This week, investors will have to digest economic reports on the U.S. consumer and manufacturing.

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Stocks: Will momentum stick?

Category : Business, Stocks

This week will be another test to see if markets will continue their upward trajectory.

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Food scares, the big four and F1: Justin King of Sainsbury’s on the retail race

Category : Business

The supermarket boss insists that he only wants to overtake Asda – but the Grand Prix rumours won’t go away

As the horsemeat scandal reached its peak in February, the bosses of Britain’s biggest supermarkets and suppliers were summoned to Whitehall to explain themselves.

Packed into a Defra meeting room on a Saturday morning, the shopkeepers were given an almighty dressing down and ordered to take responsibility for one of the biggest food adulteration revelations of recent years.

Among them was Justin King, at 51, and after nearly a decade at the helm of Sainsbury’s, regarded as the elder statesman of the grocery business. He was, he says, determined not to take the criticism lying down. He accused government officials of failing to understand the industry, and even threatened to call on the prime minister to demand a ceasefire.

Three months on, with horsemeat found in beefburgers, bolognese sauces, lasagnes and corned beef – but not in any Sainsbury’s products – King still recalls the behaviour of those running the country with exasperation.

He said: “That moment was when politics and business were at their most tense, because politicians felt they had to be saying something. The reason no one was saying anything was because we were doing the responsible, trustworthy thing, which is understanding the issue before we shouted about it, while the dynamic of politics is the opposite.

“In business, we understand it and then we talk about it, while in politics they talk about it and at some later date work out whether their understanding fits with what they said about it some weeks before.”

It was perhaps surprising that King wanted to take such an active role in tackling the scandal on behalf of the industry, given that his own supermarket group had come through unscathed while bitter rivals Tesco and Asda were caught out.

But the new old man of retail, having worked for PepsiCo, Marks & Spencer and Asda before his nine years at Sainsbury’s, says he has seen far worse and that the public is not quite as worried about horsemeat as might be expected.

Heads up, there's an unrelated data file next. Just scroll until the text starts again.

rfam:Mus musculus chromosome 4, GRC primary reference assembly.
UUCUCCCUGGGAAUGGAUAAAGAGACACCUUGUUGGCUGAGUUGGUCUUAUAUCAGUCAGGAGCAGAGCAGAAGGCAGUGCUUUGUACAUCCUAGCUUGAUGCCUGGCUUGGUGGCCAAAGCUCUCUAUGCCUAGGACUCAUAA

“We’ve had foot and mouth, bird flu and BSE, all of which were examples where the supply chain was challenged, so this is nothing new. It’s all about trust and acting in a trustworthy way.

“People are pretty realistic. If you Google horsemeat, [a lot of the hits] are horsemeat jokes. So there was an immediate juxtaposition in the consumers’ minds that it was serious but they got a lot of enjoyment from it, too.”

However, King is keen to stress that businesses must stop feeling sorry for themselves and realise that the customers are victims too.

“I don’t think it is fair enough for retailers affected to say they were victims. I had a very simple view – which is that I’m on the same side of the table as the customer.

“The second you say you’re a victim in this situation, even when you are, you put yourself on the wrong side of the table. The real victims are the consumers, who have paid their hard-earned cash.”

This week, the City will see that Sainsbury’s has been largely unaffected by the scandal. Full-year results released on Wednesday will show sales up 4.6% to around £25.6bn, with underlying pre-tax profits expected to be up 5% to £748m.

The focus may now have moved away from horsemeat, but City investors will be keen to learn more about King’s future. He has been touted as the next boss of Formula One, when Bernie Ecclestone hands over the keys to the world’s most glamorous sporting franchise.

Last weekend that speculation reached a new pitch after the supermarket confirmed that headhunters Egon Zehnder had been retained to advise on King’s successor. Sources inside the company suggest the process could take a year and that the process is merely a matter of good management.

King refuses to quash rumours that he is interested in the F1 job – he only ever says that he is “not aware of a vacancy”. He is a huge racing fan and has helped his son Jordan to become one of the most promising drivers of his generation.

But if the call from Ecclestone, F1′s diminutive owner, fails to come, a career in politics might appeal.

King is a former board member of the London Organising Committee of the Olympic and Paralympic Games, and was a member of David Cameron’s business advisory group – before they fell out over King’s objections to government plans to allow new staff to surrender employment rights in exchange for shares.

However, poor pay in the public sector could prove a sticking point for the businessman, who earned £3m last year – 20 times more than the PM.